SUN Hockey Pool

Stortini under the microscope

ROBERT TYCHKOWSKI, SUN MEDIA

, Last Updated: 9:48 AM ET

JASPER -- Zack Stortini had better stand up straight during the national anthems on Sunday, as he's one slouch away from a 10-minute misconduct.

The 23-year-old winger hasn't been in the NHL very long, just one full season, but his his agitating style and quick lip have turned him into a public enemy on the ice - and it's not just the other teams that seem out to get him.

Referees had Stortini under the microscope all last season and, judging from recent exhibition games, they will again this year.

In just his third preseason game he was already plucked out of a scrum in Calgary and given a 10-minute misconduct - never mind that there were nine other guys pushing and face washing in the same gathering.

"It's unreal," said head coach Craig MacTavish. "I've never seen a guy with that type of reputation with the officials. I've never seen a guy who can get away with less. They're just on him all the time.

"I don't know why, he's a decent guy and he has a job to do and they don't want to let him do it. He gets more area 10-minute misconducts than anybody I've ever seen."

So concerned are the Oilers about the spotlight referees seem to have on Stortini that they arranged a meeting last year with Stephen Walkom, the NHL's director of officiating.

"Me and Kevin Lowe were in (Lowe's) office talking to him over the phone, just trying to find out what I can do differently," said Stortini.

"We wanted to let them know I'm not a dirty player. I'm just out there to do my job and play hard, be hard to play against. Obviously (staying out of the box) is a part of the game that I have to manage."

If Stortini wants to avoid the wrath of the referees, he has to quit trying to stir things up all the time, but if he quits trying to stir things up all the time he'll end up incurring the wrath of his coach. It's a fine line he has to walk, and attempting to find a better way to walk it is just one of the ways he's trying to improve his game.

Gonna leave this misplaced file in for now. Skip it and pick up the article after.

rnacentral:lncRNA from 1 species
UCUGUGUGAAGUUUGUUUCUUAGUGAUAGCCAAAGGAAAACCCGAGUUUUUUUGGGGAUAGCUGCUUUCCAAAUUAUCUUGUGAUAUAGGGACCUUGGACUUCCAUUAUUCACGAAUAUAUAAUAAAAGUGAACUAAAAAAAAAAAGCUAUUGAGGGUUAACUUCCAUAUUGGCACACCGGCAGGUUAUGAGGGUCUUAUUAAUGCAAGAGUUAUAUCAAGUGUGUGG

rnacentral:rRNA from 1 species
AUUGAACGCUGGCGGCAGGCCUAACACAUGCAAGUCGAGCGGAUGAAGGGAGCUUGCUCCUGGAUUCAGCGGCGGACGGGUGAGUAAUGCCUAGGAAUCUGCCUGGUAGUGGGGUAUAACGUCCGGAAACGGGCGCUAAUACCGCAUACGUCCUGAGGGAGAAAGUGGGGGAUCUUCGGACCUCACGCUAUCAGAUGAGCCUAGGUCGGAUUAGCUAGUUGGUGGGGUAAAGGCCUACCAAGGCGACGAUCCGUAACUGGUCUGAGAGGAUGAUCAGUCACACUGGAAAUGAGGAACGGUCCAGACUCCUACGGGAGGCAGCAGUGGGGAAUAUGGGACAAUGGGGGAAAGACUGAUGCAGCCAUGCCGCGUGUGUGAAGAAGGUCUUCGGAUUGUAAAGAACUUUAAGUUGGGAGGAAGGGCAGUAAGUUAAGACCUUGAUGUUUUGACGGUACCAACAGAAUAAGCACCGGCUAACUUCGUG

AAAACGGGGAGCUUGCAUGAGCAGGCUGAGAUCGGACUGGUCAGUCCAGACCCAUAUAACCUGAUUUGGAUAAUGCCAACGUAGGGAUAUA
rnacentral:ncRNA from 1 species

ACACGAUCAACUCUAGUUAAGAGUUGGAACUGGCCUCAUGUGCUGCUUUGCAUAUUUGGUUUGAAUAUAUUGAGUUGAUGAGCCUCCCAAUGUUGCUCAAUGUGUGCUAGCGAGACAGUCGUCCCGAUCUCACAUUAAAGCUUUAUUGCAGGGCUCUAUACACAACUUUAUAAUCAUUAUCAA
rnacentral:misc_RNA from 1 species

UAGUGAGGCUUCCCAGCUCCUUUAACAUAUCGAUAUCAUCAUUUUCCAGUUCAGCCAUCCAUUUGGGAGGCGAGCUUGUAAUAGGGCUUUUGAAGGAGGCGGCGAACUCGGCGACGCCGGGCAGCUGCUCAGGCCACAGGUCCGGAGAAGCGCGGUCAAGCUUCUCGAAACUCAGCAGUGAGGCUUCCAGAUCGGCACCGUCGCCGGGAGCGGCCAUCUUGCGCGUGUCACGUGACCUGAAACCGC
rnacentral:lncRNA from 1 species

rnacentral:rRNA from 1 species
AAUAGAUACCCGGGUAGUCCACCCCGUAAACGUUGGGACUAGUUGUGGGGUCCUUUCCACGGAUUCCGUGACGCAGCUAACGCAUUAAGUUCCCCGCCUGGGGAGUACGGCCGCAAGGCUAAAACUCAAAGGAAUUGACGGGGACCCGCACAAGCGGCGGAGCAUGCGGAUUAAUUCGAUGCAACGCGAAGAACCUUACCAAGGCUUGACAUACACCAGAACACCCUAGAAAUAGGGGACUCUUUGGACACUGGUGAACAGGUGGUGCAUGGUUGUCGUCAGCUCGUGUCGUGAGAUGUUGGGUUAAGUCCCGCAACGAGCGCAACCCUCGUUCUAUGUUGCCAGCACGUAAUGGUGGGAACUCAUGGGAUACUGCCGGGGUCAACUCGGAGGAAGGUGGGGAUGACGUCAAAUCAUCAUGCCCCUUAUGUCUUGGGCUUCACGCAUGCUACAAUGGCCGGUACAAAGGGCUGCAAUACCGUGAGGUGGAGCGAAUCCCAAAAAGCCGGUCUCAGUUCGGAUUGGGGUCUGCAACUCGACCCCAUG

"That's always been his strength, he's never going to leave a stone unturned in terms of his preparation," said MacTavish.

He didn't this summer.

"I was basically forcing myself to get better in all three zones of the ice," said Stortini, who worked out in Sudbury, Ont., for a few weeks, then at the Oilers training camp in L.A. for six weeks, then in Regina with a power-skating coach. "It was a long summer, but it was good to get a lot of work in."

Clearly he isn't taking his spot here for granted, despite establishing himself as a regular fixture on the fourth line last season.

"You can never take anything for granted. It's such a hard road to get here and it's even harder to stay here. I'm not satisfied with where I'm at in my development.

"I want to get faster. I want to get stronger. I want to be a better hockey player.

"I have a lot of work ahead of me to get to where I want to be. It's a continuing battle to improve," he added.

Having big Steve MacIntyre here gives him a chance to do that. With a six-foot-six slugger riding shotgun, Stortini will be able to operate with much more impunity than he has in the past (at least as far as angry opponents go; referees will remain a challenge).

"Where MacIntyre helps Zack is it puts him down in a more comfortable weight category in terms of who he has to scrap every game," said MacTavish.

"That's a big thing, not that Zack would ever back down from anything. In fact we had to hold him back a lot of nights from going after the superheavyweights."


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